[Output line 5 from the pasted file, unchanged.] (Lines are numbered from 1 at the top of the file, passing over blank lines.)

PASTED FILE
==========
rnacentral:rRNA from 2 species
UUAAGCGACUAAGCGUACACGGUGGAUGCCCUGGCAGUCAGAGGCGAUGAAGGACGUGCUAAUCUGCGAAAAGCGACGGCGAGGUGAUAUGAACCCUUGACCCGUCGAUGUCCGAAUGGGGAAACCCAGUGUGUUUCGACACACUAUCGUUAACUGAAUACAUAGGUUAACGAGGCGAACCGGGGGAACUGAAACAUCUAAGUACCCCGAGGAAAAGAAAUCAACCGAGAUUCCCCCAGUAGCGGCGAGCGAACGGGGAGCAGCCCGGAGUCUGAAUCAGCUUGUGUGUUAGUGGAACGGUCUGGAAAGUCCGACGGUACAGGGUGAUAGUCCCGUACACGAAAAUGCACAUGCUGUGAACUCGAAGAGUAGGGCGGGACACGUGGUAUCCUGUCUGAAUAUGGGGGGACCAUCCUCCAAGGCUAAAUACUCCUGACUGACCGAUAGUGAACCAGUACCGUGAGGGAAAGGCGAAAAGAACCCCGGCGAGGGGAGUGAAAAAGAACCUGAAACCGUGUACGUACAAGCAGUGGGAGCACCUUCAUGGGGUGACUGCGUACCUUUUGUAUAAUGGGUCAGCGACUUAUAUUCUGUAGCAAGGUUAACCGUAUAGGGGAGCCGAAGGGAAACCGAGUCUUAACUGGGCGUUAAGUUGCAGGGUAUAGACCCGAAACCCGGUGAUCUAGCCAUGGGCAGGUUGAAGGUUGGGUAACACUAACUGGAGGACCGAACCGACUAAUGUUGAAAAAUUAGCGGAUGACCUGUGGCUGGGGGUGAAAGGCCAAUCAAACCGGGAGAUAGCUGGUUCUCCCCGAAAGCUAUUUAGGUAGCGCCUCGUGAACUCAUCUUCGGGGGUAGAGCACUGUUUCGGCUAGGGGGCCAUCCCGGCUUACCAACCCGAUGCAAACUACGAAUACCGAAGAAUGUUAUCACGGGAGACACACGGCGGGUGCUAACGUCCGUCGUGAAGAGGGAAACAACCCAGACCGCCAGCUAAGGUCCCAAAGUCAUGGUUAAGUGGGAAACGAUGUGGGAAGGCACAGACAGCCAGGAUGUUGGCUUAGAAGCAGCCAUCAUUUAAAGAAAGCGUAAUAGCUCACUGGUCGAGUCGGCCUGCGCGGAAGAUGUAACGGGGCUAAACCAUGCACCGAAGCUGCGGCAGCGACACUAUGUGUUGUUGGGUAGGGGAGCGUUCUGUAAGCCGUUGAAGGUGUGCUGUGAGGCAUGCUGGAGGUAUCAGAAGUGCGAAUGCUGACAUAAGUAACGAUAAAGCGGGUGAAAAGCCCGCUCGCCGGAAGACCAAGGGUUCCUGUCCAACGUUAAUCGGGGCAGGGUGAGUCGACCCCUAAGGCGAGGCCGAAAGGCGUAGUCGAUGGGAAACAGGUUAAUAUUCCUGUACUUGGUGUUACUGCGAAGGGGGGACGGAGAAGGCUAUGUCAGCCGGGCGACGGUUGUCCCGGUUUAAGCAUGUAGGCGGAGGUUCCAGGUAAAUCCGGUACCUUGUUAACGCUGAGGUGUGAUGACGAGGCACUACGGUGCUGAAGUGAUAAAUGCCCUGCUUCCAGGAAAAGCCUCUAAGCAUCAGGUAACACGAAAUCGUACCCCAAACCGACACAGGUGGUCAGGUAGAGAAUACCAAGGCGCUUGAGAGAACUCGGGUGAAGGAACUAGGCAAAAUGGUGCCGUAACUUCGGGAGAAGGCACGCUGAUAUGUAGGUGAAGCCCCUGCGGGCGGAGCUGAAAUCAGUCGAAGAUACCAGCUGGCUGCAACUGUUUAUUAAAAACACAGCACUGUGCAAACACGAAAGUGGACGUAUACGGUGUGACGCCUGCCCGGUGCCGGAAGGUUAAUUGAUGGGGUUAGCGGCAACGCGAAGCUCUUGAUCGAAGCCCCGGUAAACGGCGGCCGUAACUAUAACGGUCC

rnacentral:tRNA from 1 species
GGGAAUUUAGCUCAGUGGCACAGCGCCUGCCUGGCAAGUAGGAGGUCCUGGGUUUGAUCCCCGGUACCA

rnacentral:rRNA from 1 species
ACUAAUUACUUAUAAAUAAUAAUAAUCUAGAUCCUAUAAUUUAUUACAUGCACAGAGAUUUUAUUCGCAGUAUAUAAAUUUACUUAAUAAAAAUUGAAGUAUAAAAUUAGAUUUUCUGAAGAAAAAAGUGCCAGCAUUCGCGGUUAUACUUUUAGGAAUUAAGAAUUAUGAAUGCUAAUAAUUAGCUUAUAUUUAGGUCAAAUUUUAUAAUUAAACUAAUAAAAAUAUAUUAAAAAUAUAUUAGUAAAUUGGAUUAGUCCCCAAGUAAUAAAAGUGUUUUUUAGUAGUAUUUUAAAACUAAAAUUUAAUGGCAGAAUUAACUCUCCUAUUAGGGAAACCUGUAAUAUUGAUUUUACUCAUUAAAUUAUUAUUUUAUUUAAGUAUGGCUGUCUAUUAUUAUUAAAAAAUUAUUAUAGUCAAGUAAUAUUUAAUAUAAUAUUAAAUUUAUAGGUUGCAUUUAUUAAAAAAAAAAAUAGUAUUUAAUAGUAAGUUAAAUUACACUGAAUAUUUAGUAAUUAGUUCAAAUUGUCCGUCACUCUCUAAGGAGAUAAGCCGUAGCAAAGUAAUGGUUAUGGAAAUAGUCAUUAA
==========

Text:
rnacentral:rRNA from 1 species